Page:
House Floor Activity
Friday, January 3, 2020
12:02 PM The Speaker announced that the House do now adjourn pursuant to section 8(c) of H. Res. 758. The next meeting is scheduled for 2:00 p.m. on January 7, 2020.
12:02 PM The Chair announced that pursuant to section 8(a) of H. Res. 758, no organizational or legislative business will be conducted on this day and that bills and resolutions introduced today will receive a number but will not be referred to committee or noted in the Record until a subsequent day. The Chair also announced that executive communications, memorials, and petitions likewise will be referred and numbered on a subsequent day.
12:02 PM PLEDGE OF ALLEGIANCE – The Chair led the House in reciting the Pledge of Allegiance to the Flag.
12:00 PM Today’s prayer was offered by the House Chaplain, Rev. Patrick J. Conroy.
12:00 PM The Speaker designated the Honorable Jamie Raskin to act as Speaker pro tempore for today.
12:00 PM The House convened, starting a new legislative day, pursuant to the 20th Amendment to the Constitution for the meeting of the second session of the 116th Congress.
11:55 AM The Speaker announced that the House do now adjourn Sine Die.
11:55 AM The House convened, returning from a recess continuing the legislative day of January 3.
11:01 AM The Speaker announced that the House do now recess. The next meeting is subject to the call of the Chair.
11:01 AM PLEDGE OF ALLEGIANCE – The Chair led the House in reciting the Pledge of Allegiance to the Flag.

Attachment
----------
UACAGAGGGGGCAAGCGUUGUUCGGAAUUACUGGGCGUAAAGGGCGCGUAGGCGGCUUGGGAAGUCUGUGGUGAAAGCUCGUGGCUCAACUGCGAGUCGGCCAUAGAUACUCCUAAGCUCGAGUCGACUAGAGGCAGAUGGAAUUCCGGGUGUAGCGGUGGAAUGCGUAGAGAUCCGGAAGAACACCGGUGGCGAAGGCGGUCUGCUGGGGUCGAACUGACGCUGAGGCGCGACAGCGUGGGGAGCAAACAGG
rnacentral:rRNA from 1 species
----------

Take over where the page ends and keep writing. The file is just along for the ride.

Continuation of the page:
5:00 pm H.R. 535PFAS Action Act of 2019
Committee on Rules
Congress sets January 7, 1789 as the date by which states are required to choose electors for the country’s first-ever presidential election. A month later, on February 4, George Washington was elected president by state electors and sworn into office on April 30, 1789.
As it did in 1789, the United States still uses the Electoral College system, established by the U.S. Constitution, which today gives all American citizens over the age of 18 the right to vote for electors, who in turn vote for the president. The president and vice president are the only elected federal officials chosen by the Electoral College instead of by direct popular vote.
Today political parties usually nominate their slate of electors at their state conventions or by a vote of the party’s central state committee, with party loyalists often being picked for the job. Members of the U.S. Congress, though, can’t be electors. Each state is allowed to choose as many electors as it has senators and representatives in Congress. During a presidential election year, on Election Day (the first Tuesday after the first Monday in November), the electors from the party that gets the most popular votes are elected in a winner-take-all-system, with the exception of Maine and Nebraska, which allocate electors proportionally. In order to win the presidency, a candidate needs a majority of 270 electoral votes out of a possible 538.
READ MORE: Why Was the Electoral College Created?
First U.S. presidential election
January 6, 2020
A&E Television Networks
January 6, 2020
Original Published Date
November 24, 2009